The students get up to leave the auditorium for their next class.
The auditorium doors won’t open.
Someone starts shooting.
Told over the span of 54 harrowing minutes from four different perspectives, terror reigns as one student’s calculated revenge turns into the ultimate game of survival. – Goodreads.com
I have to admit, I wasn’t so sure I wanted to read this book for a couple of reasons – I know something like this can happen anywhere at any time, and I have a son in high school. When this book is published, I’m fairly confident it may be controversial, but I’m glad I read it and thought the author did an excellent job of not shying away from the hard truths that go along with a horrific incident such as this.
I thought the multiple POVs were essential to this story – a diverse group of students, some who are held hostage by the shooter and others who are in various places on campus when the shooting begins. Through these varying POVs, the reader is given a backstory on the shooter and his previous interactions with these characters – some of which were good and some bad. Since the time span of this story is only 54 minutes, it moves along at a brisk pace and I honestly could have finished it in one sitting.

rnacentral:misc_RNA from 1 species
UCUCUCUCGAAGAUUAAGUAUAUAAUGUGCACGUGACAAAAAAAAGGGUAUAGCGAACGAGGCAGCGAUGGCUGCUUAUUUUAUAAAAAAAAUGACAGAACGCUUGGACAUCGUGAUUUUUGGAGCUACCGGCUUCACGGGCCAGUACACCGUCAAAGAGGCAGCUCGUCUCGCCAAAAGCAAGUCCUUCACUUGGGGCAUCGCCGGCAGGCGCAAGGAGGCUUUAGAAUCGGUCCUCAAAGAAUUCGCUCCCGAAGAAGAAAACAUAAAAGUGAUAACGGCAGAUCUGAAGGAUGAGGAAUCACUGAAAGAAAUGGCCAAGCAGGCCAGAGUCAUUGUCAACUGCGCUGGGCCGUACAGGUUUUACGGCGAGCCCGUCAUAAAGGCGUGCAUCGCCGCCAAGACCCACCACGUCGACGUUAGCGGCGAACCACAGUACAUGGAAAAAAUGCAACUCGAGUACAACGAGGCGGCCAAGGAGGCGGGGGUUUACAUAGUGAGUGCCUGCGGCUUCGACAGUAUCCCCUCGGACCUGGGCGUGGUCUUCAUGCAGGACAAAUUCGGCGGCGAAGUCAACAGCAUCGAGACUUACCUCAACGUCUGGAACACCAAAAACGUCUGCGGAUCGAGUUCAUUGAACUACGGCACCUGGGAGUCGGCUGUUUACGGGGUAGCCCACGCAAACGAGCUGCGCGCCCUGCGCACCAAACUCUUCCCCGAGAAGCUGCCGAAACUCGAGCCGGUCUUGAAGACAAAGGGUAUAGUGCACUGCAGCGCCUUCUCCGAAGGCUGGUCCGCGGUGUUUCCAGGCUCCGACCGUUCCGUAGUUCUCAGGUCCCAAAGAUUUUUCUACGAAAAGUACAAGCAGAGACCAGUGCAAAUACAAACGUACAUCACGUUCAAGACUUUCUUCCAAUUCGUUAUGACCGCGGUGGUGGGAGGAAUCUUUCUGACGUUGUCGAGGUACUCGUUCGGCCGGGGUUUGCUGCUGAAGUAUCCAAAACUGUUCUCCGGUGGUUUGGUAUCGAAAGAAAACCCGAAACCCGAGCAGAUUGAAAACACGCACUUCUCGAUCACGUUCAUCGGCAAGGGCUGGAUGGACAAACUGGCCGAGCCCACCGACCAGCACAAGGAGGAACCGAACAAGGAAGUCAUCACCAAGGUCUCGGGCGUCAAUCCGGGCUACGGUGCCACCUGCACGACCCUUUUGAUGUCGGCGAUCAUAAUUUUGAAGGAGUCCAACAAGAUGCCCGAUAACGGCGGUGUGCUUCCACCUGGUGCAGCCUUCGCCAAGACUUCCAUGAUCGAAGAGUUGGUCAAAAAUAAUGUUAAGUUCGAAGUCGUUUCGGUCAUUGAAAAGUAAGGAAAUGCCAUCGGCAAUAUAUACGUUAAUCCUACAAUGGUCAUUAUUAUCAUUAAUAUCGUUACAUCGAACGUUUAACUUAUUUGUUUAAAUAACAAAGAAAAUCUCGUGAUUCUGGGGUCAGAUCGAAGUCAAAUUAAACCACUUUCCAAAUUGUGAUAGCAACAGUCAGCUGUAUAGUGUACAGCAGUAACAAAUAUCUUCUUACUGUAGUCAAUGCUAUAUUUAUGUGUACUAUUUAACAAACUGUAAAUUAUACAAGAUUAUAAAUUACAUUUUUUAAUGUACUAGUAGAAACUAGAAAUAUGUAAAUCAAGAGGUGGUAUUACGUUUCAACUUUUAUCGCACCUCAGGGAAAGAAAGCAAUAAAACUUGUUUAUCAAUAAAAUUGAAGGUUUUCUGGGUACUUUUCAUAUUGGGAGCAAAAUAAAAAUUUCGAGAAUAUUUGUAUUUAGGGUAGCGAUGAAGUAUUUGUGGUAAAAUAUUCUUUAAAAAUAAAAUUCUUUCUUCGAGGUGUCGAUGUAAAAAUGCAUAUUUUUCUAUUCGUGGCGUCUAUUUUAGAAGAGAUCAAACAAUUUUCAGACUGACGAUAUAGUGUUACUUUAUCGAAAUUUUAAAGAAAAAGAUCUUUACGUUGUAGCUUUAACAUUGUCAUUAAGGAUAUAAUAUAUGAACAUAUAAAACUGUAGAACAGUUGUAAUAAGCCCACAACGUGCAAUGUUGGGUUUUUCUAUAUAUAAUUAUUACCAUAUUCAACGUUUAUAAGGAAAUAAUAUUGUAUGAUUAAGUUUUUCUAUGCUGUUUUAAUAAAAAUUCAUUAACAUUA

Within the ensemble of characters, I only had trouble keeping a couple of them straight. There were two girls who had strained relationships with their brothers and I confused them a few times, but with such well-developed characters, that hardly seemed an issue. Without giving away spoilers, near the end of the book, I thought the actions and reasoning of one character felt slightly illogical and unbelievable, going above and beyond normal human instincts, especially those of a teenager.
Given the difficult subject matter, this is powerful debut novel that is dark, heart-breaking, haunting, sobering, and highly suspenseful and demonstrates how a whole community can be affected by the heinous actions of one person. Definitely recommended. This Is Where It Ends is scheduled for publication January 6th, 2016.
This review is based on a digital ARC from the publisher through NetGalley.